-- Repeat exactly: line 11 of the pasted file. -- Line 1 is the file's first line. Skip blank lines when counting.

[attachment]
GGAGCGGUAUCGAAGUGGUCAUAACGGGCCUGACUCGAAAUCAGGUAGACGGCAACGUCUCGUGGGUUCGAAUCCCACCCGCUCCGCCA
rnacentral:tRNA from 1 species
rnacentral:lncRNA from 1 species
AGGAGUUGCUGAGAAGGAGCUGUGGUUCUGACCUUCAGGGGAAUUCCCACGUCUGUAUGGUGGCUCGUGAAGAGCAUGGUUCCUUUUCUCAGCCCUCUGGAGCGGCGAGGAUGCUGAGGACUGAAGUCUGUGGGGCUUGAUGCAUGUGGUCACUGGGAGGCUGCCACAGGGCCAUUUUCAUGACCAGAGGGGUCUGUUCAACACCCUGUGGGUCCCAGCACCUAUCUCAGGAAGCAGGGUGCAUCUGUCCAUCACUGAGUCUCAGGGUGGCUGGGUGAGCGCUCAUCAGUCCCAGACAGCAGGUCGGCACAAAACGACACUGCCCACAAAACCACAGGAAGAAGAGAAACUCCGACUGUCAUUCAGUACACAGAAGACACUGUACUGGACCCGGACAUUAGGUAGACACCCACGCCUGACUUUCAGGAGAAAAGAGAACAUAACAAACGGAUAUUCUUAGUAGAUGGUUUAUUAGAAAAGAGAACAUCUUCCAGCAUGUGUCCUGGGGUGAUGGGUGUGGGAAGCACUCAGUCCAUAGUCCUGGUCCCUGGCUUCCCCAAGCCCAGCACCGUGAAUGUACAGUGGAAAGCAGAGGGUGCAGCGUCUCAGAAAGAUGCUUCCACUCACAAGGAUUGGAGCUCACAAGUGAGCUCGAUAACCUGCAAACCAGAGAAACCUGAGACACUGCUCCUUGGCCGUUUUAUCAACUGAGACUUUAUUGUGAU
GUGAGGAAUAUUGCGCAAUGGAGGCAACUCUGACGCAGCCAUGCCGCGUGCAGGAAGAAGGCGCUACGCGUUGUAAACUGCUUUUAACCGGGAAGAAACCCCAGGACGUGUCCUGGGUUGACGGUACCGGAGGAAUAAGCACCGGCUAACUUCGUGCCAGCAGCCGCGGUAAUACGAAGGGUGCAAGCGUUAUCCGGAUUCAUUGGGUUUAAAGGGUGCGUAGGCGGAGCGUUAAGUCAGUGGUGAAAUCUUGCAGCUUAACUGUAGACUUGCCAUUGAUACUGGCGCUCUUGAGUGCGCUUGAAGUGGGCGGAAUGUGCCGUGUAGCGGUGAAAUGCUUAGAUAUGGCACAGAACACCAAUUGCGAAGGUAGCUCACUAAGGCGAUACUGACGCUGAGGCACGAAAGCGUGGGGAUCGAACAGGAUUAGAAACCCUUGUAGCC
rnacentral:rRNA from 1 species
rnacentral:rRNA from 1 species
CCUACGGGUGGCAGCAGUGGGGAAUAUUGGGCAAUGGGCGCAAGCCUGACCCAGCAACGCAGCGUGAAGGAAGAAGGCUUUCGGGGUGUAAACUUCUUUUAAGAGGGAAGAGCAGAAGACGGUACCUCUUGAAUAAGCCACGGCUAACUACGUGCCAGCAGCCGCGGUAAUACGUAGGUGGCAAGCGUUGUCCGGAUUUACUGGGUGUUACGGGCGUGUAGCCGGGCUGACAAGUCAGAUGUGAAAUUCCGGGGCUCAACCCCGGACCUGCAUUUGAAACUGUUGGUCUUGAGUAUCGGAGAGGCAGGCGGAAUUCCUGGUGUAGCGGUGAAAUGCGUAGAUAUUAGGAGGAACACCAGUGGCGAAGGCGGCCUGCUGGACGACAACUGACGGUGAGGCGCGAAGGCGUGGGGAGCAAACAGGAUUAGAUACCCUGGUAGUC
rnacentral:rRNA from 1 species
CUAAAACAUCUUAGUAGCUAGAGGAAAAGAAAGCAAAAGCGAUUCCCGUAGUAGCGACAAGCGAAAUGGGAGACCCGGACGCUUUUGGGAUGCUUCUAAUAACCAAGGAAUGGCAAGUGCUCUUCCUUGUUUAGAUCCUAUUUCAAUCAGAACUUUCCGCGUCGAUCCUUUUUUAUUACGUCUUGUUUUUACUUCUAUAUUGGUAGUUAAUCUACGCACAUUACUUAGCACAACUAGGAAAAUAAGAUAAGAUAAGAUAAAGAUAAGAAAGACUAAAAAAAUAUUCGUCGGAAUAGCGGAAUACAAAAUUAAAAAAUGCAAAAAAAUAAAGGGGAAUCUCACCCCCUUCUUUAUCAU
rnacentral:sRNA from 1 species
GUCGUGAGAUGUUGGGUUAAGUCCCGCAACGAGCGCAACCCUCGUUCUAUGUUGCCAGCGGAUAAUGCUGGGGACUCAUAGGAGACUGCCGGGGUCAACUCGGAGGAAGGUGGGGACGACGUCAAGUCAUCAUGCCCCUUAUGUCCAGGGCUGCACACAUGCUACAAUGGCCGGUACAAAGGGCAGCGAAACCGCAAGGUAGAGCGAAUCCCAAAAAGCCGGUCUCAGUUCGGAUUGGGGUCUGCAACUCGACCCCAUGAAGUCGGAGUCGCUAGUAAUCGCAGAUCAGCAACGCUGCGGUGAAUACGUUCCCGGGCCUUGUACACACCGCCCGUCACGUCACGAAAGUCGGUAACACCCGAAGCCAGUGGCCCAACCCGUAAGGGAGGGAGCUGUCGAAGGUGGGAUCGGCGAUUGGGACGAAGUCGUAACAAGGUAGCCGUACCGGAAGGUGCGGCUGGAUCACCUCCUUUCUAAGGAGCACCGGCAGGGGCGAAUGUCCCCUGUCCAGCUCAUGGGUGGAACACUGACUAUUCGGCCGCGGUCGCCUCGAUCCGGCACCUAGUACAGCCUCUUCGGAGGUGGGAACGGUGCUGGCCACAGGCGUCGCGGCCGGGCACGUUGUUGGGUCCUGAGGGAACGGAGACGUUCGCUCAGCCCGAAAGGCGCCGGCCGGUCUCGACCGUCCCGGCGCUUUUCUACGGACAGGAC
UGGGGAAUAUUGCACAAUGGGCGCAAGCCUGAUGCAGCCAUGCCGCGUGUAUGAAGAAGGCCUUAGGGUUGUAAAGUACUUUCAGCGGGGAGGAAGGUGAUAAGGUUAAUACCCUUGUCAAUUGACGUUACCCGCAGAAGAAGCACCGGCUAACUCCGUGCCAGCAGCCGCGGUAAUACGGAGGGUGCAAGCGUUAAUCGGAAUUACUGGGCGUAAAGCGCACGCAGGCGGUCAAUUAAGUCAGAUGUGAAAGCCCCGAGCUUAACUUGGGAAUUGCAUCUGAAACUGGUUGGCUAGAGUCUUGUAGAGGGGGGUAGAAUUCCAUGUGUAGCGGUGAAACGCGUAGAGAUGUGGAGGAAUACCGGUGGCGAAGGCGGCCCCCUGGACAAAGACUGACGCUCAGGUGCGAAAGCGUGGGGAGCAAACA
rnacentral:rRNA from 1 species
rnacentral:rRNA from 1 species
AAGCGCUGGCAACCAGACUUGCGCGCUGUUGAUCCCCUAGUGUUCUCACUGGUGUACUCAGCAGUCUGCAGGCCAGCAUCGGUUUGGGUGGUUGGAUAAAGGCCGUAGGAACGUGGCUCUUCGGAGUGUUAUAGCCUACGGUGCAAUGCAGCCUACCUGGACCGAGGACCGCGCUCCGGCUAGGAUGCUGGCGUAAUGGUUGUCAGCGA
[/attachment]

rnacentral:sRNA from 1 species